Holiday Décor from a Master

| December 2, 2012 | 0 Comments

Because the Mission Hills Garden Club’s October meeting was a pumpkin carving event, I chose to cross the bridge to Coronado’s Beach and Bay Garden Club to see another René van Rems’ spectacular instead. As usual, he was introduced as an award-winning floral designer, teacher, author, stand-up comic and popular speaker. René studied floral design for six years in his native Holland and has taught it for at least twenty-five.

René believes that good floral design comes from inspiration and education. It should be fun; with René in the room, fun is a given. His inspiration comes from many sources. It may come from nature. Perhaps a vase inspires a specific design. Color can inspire him as well.

René believes people are happier with live plant matter in their homes. To help us arrange and add longevity to it, he gave us tips. Although he said those of us who had taken his classes (I’ve taken two of his semester UCSD classes and attended myriad talks) would not learn anything new, I not only learned new things, but I was able to see old knowledge in a new way.

Beginning the first demonstration, René explained that floral foam (oasis) must be pre-soaked. This means putting the foam in water and leaving it until the entire block is fully saturated. To save time, his floral foam was already wet. He cautioned us about decorative containers; they may leak. To avoid damaging furniture, always test the container first. If it does leak, use a smaller leak-proof container inside it or line the container with heavy trash-bag plastic.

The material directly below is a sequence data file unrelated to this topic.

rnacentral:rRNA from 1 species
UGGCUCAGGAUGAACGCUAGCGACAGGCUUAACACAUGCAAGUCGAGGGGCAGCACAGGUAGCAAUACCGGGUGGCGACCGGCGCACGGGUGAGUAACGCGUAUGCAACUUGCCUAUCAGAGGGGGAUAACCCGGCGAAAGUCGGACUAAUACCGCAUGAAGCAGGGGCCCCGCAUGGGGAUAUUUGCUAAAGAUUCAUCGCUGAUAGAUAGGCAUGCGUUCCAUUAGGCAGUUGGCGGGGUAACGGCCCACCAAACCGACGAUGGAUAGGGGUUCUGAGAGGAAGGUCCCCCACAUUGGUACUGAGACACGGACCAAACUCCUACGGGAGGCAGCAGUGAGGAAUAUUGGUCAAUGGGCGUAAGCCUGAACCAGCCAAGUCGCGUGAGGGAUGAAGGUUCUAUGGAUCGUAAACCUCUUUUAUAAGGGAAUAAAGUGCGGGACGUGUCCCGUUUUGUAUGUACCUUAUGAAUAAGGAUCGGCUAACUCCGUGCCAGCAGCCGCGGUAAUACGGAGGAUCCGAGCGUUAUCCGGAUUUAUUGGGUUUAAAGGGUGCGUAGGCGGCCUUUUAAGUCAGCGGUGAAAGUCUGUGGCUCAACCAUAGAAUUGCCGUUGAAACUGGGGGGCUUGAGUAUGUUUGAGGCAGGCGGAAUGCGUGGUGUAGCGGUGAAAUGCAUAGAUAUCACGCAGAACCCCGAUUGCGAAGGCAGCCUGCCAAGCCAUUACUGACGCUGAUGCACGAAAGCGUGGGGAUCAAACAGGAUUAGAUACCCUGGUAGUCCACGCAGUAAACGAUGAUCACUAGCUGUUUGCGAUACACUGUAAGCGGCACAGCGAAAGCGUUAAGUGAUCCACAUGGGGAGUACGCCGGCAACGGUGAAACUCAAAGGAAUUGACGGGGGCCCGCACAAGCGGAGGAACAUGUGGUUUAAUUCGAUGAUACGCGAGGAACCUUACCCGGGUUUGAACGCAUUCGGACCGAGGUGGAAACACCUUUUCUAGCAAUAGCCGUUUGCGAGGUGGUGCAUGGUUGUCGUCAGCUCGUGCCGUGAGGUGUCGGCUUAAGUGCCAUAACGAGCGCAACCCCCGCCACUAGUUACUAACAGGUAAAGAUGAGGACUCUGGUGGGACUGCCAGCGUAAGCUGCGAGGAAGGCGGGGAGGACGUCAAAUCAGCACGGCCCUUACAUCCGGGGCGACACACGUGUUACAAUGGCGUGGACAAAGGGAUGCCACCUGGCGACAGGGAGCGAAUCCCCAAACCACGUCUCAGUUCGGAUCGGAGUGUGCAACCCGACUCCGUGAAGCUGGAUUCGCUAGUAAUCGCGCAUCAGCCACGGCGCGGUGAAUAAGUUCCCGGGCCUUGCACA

René placed the wet oasis into a vase with an inch or so of oasis rising above the vase’s sides. He covered the foam with large leaves. Next he placed some pomegranates with their stems in the foam and the fruits peeking over the container’s edge. As he worked, he explained what he was doing. Making a fresh cut to each stem is essential for a long-lived display. René advocates using a floral knife or garden clippers.

“Never use scissors; they crush the stem and prevent the plant from absorbing water.” René created a monochromatic arrangement composed of hues of red from pomegranates and coffee beans to red macara orchids in a red container. Slicing each orchid’s stem at an angle so the stem has more area from which to draw water, he casually stuck the stems into the leaf-covered foam. Poking fun at the typical matron agonizing over the placement of each blossom, René cautioned, “Don’t make love to it.” He continued jabbing more stems into the oasis adding, “Remember, less is more.”

Repetition of texture, shape, and form creates a more cohesive design. As he added a few sprigs of coffee berries, René pointed out that the coffee berries and the pomegranates helped tie the arrangement to the container. A portion of one leaf poking over the container’s edge further emphasized this connection. As he finished the creation, René explained that European floral design had spread to the United States, but now the more contemporary American designs were appearing in Europe.